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‘Tornado of misinformation’ spawns bill limiting county authority over cannabis


‘Tornado of misinformation’ spawns bill limiting county authority over cannabis

Feb 26, 2024 | 6:45 am ET
By Bryan P. Sears
‘Tornado of misinformation’ spawns bill limiting county authority over cannabis
House Economic Matters Committee Chair C.T. Wilson (D-Charles). Photo by Bryan P. Sears.

An effort by some counties to use zoning to limit if not prevent the opening of cannabis dispensaries has drawn the ire of the powerful chair of a House committee in Annapolis.

House and Senate panels are considering legislation that would make it tougher for local governments to restrict where cannabis dispensaries can locate. House Economic Matters Committee Chair Del. C.T. Wilson (D-Charles) said counties are trying to countermand the newly legalized cannabis market and the state’s efforts to limit if not end illegal sales.

In the months that followed the first legal recreational sales in July, some counties looked to zoning to slow the opening of new dispensaries. Those efforts are now the focus of legislation designed to block those attempts, which sometimes seek to prevent any sales of the drug or are born out of the concerns about the clustering of alcohol and tobacco shops in Black and brown communities.

“This was thought out,” said Wilson, speaking of the state’s entry into legal recreational cannabis sales. “This was not done randomly. And this is not about state control. It is about protecting people, protecting us and protecting a now legitimate business. So I want to make sure we understand that we are not here to stuff them, to cluster them.”

Wilson’s HB 805 prohibits counties from imposing zoning regulations more restrictive than those imposed on retail liquor stores. Current law prohibits dispensaries within 500 feet of a playground, recreation center, library, public park, or place of worship. Wilson’s bill qualifies that restriction to pre-existing facilities.

Wilson said he will ask for an amendment to increase the distance between dispensaries from 1,000 feet to 1,500 feet.

Counties can reduce but not increase the statutory distance requirements for dispensary locations.

Some lawmakers worry the bill will usurp county zoning authority.

Sen. Brian J. Feldman (D-Montgomery), chair of the Education, Energy and Environment Committee and sponsor of the identical SB 537, said the state has the same interest in ensuring cannabis dispensaries can open as it does ensuring counties allow clean energy production.

“We need energy,” said Sen. Alonzo T. Washington (D-Prince George’s), a member of the Senate Finance Committee. “We don’t need cannabis.”

Some legislators representing rural, mostly Republican counties, also oppose the proposed changes.

Del. Steven J. Arentz (R-Upper Shore) said counties such as those he represents are being punished for what has happened in other counties.

“You’re taking other people’s problems, making them ours,” said Arentz.

The bill has the support of the Maryland Association of Counties, which is proposing certain amendments.

The first would expand the minimum distance between dispensaries to 2,000 feet. The association also wants to keep dispensaries more than 100 feet from residential areas.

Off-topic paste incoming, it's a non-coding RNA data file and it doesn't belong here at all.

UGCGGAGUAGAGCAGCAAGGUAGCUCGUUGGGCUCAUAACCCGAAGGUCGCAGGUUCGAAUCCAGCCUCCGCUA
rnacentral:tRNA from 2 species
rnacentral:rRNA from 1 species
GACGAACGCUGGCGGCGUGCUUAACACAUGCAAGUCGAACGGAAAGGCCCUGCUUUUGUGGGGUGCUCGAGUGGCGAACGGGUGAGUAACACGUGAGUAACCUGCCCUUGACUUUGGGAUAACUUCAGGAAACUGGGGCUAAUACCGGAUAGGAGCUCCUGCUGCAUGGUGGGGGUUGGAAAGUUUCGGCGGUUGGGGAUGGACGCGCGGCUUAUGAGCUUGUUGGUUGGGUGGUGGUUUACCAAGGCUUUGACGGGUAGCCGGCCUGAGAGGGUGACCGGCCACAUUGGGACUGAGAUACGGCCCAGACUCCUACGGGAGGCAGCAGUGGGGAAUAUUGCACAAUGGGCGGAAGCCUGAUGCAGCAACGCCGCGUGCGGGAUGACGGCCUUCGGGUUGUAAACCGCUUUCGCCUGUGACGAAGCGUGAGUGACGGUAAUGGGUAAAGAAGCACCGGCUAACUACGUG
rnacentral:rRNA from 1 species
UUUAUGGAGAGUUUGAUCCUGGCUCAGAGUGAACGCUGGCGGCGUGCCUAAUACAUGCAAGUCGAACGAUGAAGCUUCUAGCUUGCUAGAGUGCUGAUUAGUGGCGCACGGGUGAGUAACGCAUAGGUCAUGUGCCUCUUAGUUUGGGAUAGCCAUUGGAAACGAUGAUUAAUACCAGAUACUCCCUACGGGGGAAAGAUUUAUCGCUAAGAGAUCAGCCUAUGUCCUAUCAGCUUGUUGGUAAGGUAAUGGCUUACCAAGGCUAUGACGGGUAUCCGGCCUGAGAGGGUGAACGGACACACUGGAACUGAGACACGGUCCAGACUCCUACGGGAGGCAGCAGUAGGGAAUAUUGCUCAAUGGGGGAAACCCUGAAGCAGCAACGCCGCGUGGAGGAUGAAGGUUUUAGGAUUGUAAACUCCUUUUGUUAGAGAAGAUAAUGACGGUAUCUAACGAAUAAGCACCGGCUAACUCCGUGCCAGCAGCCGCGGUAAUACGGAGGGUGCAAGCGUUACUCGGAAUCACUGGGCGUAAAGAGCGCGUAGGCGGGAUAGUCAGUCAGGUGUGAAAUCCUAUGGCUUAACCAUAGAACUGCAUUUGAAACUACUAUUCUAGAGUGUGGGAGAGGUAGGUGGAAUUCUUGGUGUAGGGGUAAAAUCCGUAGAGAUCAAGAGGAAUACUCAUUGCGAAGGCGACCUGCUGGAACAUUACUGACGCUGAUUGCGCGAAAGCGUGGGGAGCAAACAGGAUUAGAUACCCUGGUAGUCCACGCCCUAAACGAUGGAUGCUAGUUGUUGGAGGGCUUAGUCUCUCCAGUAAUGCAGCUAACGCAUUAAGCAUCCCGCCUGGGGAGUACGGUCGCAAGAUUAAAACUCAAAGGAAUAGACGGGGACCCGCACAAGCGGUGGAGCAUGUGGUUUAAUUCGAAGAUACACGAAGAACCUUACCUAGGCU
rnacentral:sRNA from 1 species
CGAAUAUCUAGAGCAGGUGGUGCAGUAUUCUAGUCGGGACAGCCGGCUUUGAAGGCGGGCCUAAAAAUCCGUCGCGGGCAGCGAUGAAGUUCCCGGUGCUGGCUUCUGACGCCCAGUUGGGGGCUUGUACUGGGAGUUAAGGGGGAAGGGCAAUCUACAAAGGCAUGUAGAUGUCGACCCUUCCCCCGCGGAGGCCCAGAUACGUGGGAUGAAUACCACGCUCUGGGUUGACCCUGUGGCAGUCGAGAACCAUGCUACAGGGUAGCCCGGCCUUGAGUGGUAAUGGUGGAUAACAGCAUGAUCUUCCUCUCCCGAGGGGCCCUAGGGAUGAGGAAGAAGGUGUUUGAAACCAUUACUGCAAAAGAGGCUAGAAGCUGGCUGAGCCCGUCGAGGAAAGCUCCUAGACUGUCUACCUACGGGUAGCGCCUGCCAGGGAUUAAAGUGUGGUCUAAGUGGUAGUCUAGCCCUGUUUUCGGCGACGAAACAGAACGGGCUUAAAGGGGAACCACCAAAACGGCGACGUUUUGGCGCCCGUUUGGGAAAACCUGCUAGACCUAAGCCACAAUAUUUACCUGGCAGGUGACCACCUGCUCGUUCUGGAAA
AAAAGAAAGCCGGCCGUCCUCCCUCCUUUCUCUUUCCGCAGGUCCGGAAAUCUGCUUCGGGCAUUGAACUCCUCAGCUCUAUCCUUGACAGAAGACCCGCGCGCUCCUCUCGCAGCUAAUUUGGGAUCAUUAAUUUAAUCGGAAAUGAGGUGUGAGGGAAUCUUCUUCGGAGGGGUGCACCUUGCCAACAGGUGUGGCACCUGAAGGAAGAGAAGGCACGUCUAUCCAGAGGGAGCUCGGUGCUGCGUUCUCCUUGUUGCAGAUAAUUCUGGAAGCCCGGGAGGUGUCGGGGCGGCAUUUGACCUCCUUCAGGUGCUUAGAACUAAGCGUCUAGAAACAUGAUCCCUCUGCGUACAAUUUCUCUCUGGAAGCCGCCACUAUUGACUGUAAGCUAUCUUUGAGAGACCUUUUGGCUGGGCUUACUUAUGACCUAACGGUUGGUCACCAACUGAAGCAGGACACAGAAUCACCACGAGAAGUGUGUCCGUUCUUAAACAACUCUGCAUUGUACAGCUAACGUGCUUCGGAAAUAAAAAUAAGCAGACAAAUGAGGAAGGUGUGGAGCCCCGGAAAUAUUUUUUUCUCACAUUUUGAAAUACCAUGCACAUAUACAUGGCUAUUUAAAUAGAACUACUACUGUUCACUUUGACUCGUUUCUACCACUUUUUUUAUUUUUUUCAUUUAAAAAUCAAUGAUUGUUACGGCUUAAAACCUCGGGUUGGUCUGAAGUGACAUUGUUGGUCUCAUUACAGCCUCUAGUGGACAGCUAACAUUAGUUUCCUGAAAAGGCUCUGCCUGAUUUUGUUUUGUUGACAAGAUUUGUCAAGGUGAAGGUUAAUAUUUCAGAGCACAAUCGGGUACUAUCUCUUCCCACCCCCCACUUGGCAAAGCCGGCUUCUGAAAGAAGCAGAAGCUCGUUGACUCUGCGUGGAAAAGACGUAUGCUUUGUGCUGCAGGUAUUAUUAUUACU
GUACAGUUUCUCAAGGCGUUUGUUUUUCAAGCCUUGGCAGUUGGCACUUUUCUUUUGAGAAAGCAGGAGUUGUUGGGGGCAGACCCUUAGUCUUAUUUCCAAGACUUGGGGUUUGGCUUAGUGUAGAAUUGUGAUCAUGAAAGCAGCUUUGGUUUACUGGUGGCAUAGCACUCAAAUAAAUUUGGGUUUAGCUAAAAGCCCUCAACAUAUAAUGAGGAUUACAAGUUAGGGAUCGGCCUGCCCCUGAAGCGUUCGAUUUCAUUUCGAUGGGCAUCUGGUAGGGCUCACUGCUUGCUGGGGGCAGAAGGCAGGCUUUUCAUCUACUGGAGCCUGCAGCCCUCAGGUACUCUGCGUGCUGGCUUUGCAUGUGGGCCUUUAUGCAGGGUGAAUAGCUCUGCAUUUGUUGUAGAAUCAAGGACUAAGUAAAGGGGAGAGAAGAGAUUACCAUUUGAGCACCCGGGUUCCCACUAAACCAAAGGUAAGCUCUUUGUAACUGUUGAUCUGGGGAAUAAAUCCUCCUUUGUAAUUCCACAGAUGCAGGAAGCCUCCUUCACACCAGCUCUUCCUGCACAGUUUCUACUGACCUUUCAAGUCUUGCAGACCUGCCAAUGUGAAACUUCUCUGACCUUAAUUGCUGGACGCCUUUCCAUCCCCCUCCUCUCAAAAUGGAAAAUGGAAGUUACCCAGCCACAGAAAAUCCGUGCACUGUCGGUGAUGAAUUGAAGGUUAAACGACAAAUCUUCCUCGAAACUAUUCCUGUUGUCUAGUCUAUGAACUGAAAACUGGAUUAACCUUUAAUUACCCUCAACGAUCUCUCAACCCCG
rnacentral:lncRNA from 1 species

“If my kid’s out front playing in the yard, I think it’s reasonable to expect that they wouldn’t be 100 feet from a cannabis dispensary,” said Kevin Kinnally, legislative director for the association.

The state is about to dramatically expand its cannabis industry as the result of a 2023 law.

Currently, there are 101 licensed dispensaries in the state. The licenses are distributed relatively equally across the state’s 47 legislative districts. Another 75 licenses are about to be issued in a social equity round.

When it is all said and done, there will be a maximum of 300 dispensaries in the state.

There are about 6,500 liquor licenses in the state.

Prince George’s County has 18.1 liquor stores per 100,000 people, according to the Prince George’s County Health Department.

That same county of roughly 1 million people is eligible for about 20 total cannabis dispensary licenses.

Nineteen of the state’s 24 major political subdivisions will receive between one and three of those social equity dispensary licenses in the coming round. Montgomery and Prince George’s counties will receive nine and 11 will go to Baltimore City, according to the Maryland Cannabis Administration.

“I honestly am sorry, I just don’t trust counties to do it because I’ve watched what they’ve done,” Wilson said. “They complain about the way the smoke shops open up and they give them [use and occupancy permits] and they give them health occupancy, the health licenses to open up.”

Last year, the Prince George’s County Council considered legislation prohibiting cannabis dispensaries in commercial zones. The bill would have pushed dispensaries into industrial areas, which include business parks. That bill was not acted on.

But the council, in a letter this month, asked the county’s legislative delegation to oppose Wilson’s bill.

Wilson blasted unnamed local officials who have complained their counties will be flooded with dispensaries in the same way liquor stores have proliferated or that the state law would allow vape and smoke shops to also sell cannabis. He complained about what he called “a tornado of misinformation.”

“It becomes irresponsible at some point for some of the county officials to propagate these lies,” Wilson said.